Test Opinion

June 7, 2010 10:12 pm
Filed Under: Editorial, News, Opinion

Mean opinion score (MOS) is a test that has been used for decades in telephony networks to obtain the human user’s view of the quality of the network. Historically, and implied by the word Opinion in its name, MOS was a subjective measurement where listeners would sit in a “quiet room” and score call quality as they perceived it; per ITU-T recommendation P.800, “The talker should be seated in a quiet room with volume between 30 and 120 m3 and a reverberation time less than 500 ms (preferably in the range 200-300 ms).

The room noise level must be below 30 dBA with no dominant peaks in the spectrum.” Measuring Voice over IP (VoIP) is more objective, and is instead a calculation based on performance of the IP network over which it is carried. The calculation, which is defined in the ITU-T PESQ P.862 standard. Like most standards, the implementation is somewhat open to interpretation by the equipment or software manufacturer. Moreover, due to technological progress of phone manufacturers, a calculated MOS of 3.9 in a VoIP network may actually sound better than the formerly subjective score of > 4.0.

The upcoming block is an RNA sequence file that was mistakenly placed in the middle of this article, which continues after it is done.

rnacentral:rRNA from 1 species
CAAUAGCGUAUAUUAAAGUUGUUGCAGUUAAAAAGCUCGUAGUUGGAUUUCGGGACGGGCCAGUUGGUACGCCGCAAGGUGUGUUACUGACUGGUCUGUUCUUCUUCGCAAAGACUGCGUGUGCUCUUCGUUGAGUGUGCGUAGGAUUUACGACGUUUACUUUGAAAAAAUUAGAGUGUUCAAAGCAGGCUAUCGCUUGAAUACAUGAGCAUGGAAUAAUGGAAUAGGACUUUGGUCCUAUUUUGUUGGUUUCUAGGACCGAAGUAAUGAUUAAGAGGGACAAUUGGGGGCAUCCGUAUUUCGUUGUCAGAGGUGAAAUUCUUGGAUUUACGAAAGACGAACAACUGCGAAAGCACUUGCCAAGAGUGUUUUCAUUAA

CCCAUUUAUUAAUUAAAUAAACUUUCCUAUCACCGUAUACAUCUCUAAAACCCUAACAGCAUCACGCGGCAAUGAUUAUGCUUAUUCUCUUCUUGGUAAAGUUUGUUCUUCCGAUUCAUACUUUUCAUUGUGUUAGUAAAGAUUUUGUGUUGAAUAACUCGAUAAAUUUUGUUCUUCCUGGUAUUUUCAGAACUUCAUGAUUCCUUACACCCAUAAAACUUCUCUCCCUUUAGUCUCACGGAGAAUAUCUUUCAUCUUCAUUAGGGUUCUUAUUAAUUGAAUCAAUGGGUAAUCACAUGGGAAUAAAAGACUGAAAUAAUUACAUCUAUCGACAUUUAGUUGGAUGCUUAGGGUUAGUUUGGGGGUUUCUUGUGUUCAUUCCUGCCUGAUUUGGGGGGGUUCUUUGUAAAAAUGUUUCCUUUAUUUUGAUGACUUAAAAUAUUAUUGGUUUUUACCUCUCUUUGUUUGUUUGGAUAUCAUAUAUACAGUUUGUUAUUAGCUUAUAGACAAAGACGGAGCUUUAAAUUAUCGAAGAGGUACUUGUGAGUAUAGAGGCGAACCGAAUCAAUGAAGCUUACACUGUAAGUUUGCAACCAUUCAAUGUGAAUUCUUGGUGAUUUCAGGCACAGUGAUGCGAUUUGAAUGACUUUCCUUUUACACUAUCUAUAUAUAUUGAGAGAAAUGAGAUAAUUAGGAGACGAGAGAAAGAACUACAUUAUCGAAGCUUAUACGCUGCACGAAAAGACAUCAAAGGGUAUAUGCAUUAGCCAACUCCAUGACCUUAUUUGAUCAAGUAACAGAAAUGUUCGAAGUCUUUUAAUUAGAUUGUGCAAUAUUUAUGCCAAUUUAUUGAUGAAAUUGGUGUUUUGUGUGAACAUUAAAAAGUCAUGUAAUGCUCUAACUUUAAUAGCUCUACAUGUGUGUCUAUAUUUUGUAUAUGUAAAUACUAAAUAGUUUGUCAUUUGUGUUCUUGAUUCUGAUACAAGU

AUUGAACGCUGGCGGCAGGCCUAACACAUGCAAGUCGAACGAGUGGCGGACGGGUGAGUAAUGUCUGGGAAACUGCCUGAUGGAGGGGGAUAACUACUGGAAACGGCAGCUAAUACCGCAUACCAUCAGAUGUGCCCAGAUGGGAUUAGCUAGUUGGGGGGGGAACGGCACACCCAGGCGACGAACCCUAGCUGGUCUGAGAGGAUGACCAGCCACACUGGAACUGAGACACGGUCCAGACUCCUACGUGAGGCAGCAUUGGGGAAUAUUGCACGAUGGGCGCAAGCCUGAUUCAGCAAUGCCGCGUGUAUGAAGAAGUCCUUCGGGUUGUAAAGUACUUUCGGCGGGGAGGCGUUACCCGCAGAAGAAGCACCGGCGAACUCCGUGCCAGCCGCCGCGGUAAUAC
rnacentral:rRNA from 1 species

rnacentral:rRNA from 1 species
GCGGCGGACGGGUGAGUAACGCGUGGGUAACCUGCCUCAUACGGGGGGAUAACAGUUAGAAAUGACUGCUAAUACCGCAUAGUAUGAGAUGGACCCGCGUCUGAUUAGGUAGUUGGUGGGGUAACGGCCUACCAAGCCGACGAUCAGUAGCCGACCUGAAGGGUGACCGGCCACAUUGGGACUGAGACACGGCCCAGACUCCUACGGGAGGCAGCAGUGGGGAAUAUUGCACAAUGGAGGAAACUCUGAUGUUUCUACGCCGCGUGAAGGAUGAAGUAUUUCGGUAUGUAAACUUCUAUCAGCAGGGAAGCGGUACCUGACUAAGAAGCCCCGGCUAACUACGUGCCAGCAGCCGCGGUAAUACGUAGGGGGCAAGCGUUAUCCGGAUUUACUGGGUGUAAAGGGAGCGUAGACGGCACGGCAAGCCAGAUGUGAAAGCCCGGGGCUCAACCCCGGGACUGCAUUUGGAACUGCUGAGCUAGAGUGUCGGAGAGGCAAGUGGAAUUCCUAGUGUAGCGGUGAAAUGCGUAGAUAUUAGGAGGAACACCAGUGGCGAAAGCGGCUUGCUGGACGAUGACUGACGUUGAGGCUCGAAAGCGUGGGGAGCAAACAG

In multimedia (audio, voice telephony, or video) especially when codecs are used to compress the bandwidth requirement (for example, of a digitized voice connection from the standard 64 kilobit/second PCM modulation), the MOS provides a numerical indication of the perceived quality from the users’ perspective of received media after compression and/or transmission. The MOS is expressed as a single number in the range 1 to 5, where 1 is lowest perceived audio quality, and 5 is the highest perceived audio quality measurement.